WrestleMania 27 Recap: Lessons Learned From Professor 'Stone Cold' Steve Austin

At WrestleMania 27, jorts rule ... as does interference from officials.

SB Nation's Spencer Hall attended WrestleMania 27 as a member of the credentialed media and came away with many new life lessons learned.

WrestleMania 27 came to Atlanta on Sunday night, and Spencer Hall took in his first WWE matches and watched America's national theater put on their biggest show of the year. "Stone Cold" Steve Austin rode an ATV through the Georgia Dome, but like everything else, you knew that was coming (and didn't care.)

LESSONS LEARNED, PART I: PEOPLE MISS THE 1990s

The Rock breathes through his traps like he has a pair of second lungs in them, and like all showmen isn't playing for the camera, but instead is talking to you, you in 30D in Section 315. Yeah, you. You who needs to hear all the things the Rock has to say about knowing your role, and about what you're thinking, thoughts which are actually irrelevant because -- and the entire crowd will join him in saying this -- WHAT YOU THINK DOESN'T MATTER.

He arches an eyebrow, because you and the rest of the universe are worthy of his scorn. The people are his only loyalty, and only that in the plural sense: On the way out of the ring, The Rock will theatrically disdain offered handshakes made by sad individuals in the audience because only a mass of lessers numbering in the thousands is worthy of his address. There is no "you" singular, only the plural "you." 

In order to find his equal, he must address an entire dome full of people. It's the only fair way for him to talk.

The Rock does not vary from the script he used 10 years ago in becoming the People's Champ. The catchphrases are the same. You are still invited to smell what he is cooking. What you think still is of no consequence to him. The Rock still only loves the People. He still uses the same glare, a cross between a Polynesian warrior's battle stance and a mimeographed Stan Lee Wolverine pose, clenched, heaving and ready to pounce in the direction of the offending party. It is 1999 in replay, and in the midst of a recession exactly  71,617 people and $6.6 million have poured into the Georgia Dome to act like we're all at the height of the Internet boom.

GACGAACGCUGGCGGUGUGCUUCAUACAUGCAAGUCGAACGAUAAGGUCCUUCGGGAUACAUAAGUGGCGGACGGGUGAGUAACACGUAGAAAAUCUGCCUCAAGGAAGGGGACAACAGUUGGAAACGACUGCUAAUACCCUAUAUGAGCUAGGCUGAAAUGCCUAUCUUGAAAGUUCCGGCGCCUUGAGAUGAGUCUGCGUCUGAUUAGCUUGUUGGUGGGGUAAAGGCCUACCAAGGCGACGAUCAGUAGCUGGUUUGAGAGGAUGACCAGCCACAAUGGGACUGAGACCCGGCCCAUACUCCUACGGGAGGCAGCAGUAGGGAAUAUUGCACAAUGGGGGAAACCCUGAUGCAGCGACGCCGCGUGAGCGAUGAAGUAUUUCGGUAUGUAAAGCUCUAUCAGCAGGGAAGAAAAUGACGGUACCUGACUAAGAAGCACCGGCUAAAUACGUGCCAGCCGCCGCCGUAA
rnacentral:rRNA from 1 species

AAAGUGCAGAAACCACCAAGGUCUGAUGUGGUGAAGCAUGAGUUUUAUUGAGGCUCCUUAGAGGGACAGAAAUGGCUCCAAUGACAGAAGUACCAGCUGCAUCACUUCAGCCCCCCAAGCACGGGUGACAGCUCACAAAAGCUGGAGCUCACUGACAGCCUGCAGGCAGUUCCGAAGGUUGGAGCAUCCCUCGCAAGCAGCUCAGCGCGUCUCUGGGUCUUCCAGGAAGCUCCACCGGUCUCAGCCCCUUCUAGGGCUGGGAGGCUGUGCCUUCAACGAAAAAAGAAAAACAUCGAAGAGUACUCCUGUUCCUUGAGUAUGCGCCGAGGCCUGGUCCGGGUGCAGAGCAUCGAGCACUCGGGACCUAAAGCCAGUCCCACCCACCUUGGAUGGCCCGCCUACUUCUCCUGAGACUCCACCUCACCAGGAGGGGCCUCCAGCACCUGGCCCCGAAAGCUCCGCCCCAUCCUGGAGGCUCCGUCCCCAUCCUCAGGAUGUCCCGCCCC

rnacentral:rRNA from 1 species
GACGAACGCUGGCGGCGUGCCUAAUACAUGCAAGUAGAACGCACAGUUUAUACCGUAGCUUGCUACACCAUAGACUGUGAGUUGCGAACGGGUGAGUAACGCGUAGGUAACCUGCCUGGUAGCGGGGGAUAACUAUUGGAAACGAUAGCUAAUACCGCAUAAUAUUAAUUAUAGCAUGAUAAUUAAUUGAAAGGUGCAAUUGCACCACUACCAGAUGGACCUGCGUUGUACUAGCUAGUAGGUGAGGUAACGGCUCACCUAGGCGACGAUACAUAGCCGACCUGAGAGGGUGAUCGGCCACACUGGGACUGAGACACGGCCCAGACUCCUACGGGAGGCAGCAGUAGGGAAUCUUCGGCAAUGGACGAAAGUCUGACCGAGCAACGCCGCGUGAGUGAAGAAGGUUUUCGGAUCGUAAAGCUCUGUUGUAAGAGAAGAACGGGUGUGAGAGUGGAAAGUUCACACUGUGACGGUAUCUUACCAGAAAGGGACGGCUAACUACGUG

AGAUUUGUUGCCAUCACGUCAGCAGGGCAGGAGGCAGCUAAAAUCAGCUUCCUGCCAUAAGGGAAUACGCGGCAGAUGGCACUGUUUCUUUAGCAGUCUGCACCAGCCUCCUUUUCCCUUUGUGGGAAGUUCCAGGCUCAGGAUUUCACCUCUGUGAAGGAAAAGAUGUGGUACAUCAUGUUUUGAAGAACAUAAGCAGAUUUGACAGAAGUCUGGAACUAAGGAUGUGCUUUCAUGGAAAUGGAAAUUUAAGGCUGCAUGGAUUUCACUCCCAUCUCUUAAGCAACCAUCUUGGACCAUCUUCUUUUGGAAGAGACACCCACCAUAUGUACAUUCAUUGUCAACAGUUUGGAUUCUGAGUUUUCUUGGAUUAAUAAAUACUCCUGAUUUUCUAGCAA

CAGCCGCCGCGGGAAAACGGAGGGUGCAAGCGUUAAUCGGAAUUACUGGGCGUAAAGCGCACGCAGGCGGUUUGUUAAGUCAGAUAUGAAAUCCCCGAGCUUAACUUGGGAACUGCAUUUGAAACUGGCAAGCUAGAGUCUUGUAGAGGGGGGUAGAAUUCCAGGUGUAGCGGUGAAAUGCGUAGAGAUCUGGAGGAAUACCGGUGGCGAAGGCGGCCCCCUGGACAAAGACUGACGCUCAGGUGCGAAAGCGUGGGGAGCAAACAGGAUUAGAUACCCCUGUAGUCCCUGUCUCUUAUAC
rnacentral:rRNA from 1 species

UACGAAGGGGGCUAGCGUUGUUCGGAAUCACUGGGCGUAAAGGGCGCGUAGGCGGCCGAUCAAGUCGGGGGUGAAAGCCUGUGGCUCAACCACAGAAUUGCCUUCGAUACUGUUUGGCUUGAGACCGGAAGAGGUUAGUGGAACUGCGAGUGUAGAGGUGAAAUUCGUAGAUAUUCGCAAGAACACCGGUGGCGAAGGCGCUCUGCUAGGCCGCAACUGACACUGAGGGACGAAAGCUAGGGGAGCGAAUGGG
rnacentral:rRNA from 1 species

It is replay, and no one, repeat, not one single person in this building cares. The Undertaker will keep his WrestleMania win streak alive tonight at the age of 46. "Stone Cold" Steve Austin will stop the show with a proactive bit of officiating in the Michael Cole vs. Jerry "The King" Lawler match. The Rock will perform 35 minutes or so of glowering and intense mike work before wrestling for exactly one very decisive minute. Hipsterdom dies in the arms of Wrestlemania 27 in 2011: This is meat and potatoes, and will be reheated until the desired effect has been attained.

LESSON LEARNED, PART II: AMERICANS HAVE CONSOLIDATED THE ENGLISH MOB SHOW

Wrestlemania is above all a testament to American efficiency.

England did mob theater the inefficient way for a long time. If you wanted to cede all shame and let your mob-loving vulgarian loose, you had to do it by assembling each piece of the menu yourself. Want to laugh at freak show types? You had to go to a freak show, risking life and limb by crossing busy London streets just to go watch an Abyssinian dwarf fight a Persian bearded lady until one or both passed out from drink, exhaustion, or both. 

For the insane you had to go to Bedlam, where the prison would turn loose the deranged for your mockery. For feats of strength you had to go to the fair. For ladies wearing very little clothing and behaving scandalously, well, there were a variety of different options varying by price and degree of safety. The same went for theater, since theaters often burned down and fire was a real risk at the time. Fireworks? You'd have to wait until a coronation or military victory for that, and even then you best keep your distance since pre-modern fireworks were not known for their safety features.

WrestleMania is the living continuation of that in one insanely compact space. The theater and sport is is in the ring, the freakshow element comes to you in the form of wrestlers like The Undertaker and "the hideously deformed Cody Rhodes," the fireworks go off safety indoors with an almost profligate frequency and Bedlam comes in one tightly scripted package you can digest without getting your boots soiled by the mud of the squalid streets.

They even sell beer and meat for your consumption while you watch the show. There are midgets and everything. One of them rapped for Snoop Dogg last night, and another one, Snooki from "Jersey Shore," executed back-flips in her finishing move in her match, and in fact looked more enthusiastic and athletic than either Triple-H or the Undertaker in their headlining match. Pee Wee Herman was there. No one knows why, but no one cared, either. This show has no order, and the audience demands none.

It is opera for men. It is vaudeville that goes boom. It is our national theater, and not for lack of competition.

LESSONS LEARNED, PART III: THE WWE IS THE RAINBOW COALITION